Spurgeon on Bible Teaching

Mark Driscoll

Charles Haddon Spurgeon (1834–1892) is my favorite mentor outside of Scripture. Visiting his college and the private collection of his library and memoirs was a highlight of my visit to London.

This Child Will One Day Preach the Gospel

Spurgeon was the oldest of seventeen children, though nine died in infancy. Due to financial hardship, at the age of eighteen months he was sent to live with his grandfather, who, like Charles’ father, was a strong-willed Calvinistic preacher. At a young age he began reading his father's and grandfather’s theological books and listening in on their theological conversations with other men. On one occasion the visiting preacher Richard Knill prophesied over Charles, “This child will one day preach the gospel, and he will preach it to great multitudes.” Free public education was not available in his day and so his father paid for a private education for Charles. By the age of ten, Charles was reading the Puritans with great delight.

Spurgeon the Preacher

Spurgeon began preaching shortly after his conversion to Jesus Christ at the age of sixteen. He soon became the best-known Bible preacher in the world in his day, and perhaps the best preacher in the history of the church outside of Scripture, along with John Chrysostom (347–407). Spurgeon preached up to ten times a week and was heard by twenty million people from his pulpit over the course of his lifetime. Four years after his conversion, at the age of twenty, he was appointed the pastor of London’s famous New Park Street Chapel, which was previously led by the distinguished Reformed Baptist theologian John Gill. Spurgeon was such a magnetic draw that the previously struggling church, which had dwindled to a few hundred people, soon outgrew their building and had to move to Exeter Hall, and then to Surrey Music Hall. Spurgeon often preached to crowds of more than ten thousand without any amplification. His church became the world’s largest by the time of his death, meeting in the Metropolitan Tabernacle that they had eventually built. Spurgeon was a committed lifelong student. He had a large library built in his home so that he could study continually and still be near his sick wife. He had a large, round desk with a hinge that permitted him to sit in the middle of it with his beloved books surrounding him.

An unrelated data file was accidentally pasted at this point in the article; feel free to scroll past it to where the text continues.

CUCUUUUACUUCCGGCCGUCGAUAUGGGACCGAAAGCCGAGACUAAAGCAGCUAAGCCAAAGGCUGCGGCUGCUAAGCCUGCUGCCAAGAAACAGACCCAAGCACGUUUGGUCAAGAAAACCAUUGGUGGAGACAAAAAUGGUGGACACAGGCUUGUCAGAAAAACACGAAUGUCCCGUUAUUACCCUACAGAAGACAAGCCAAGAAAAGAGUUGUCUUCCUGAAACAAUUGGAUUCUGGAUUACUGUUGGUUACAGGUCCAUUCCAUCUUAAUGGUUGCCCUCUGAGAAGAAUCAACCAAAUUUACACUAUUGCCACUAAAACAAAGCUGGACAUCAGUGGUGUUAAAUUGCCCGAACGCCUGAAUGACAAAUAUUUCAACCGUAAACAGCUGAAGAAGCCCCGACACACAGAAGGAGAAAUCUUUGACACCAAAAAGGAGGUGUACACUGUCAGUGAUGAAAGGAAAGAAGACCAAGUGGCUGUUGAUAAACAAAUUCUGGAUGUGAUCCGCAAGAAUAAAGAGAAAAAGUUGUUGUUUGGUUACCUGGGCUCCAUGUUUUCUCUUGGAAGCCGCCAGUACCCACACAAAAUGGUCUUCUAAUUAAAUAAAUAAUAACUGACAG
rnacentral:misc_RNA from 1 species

Spurgeon's Sufferings

Spurgeon was blessed by a rigorous mind and powerful voice but also suffered from poor health. He suffered continually from a variety of ailments, ranging from kidney disease to gout, which occasionally prevented him from preaching and ultimately took his life at age fifty-seven. Additionally, his beloved wife Susannah struggled mightily with poor health. In his seasons of tremendous pain he was forced to pray and trust the goodness of God. Nonetheless, his suffering greatly clarified his understanding of Jesus’ painful atonement and great love for his people. His prayers also sustained him when he was forced to miss up to seven weeks at a time and lie bedridden in pain rather than preach to his congregation. Spurgeon struggled with depression prompted by his poor health and the painful burden he carried for the many pastors who came to him for counsel. Perhaps the darkest period of Spurgeon’s ministry came when troublemakers began falsely crying “Fire!” to a packed congregation that had come to hear him preach, causing a stampede that killed some people who were trampled underfoot.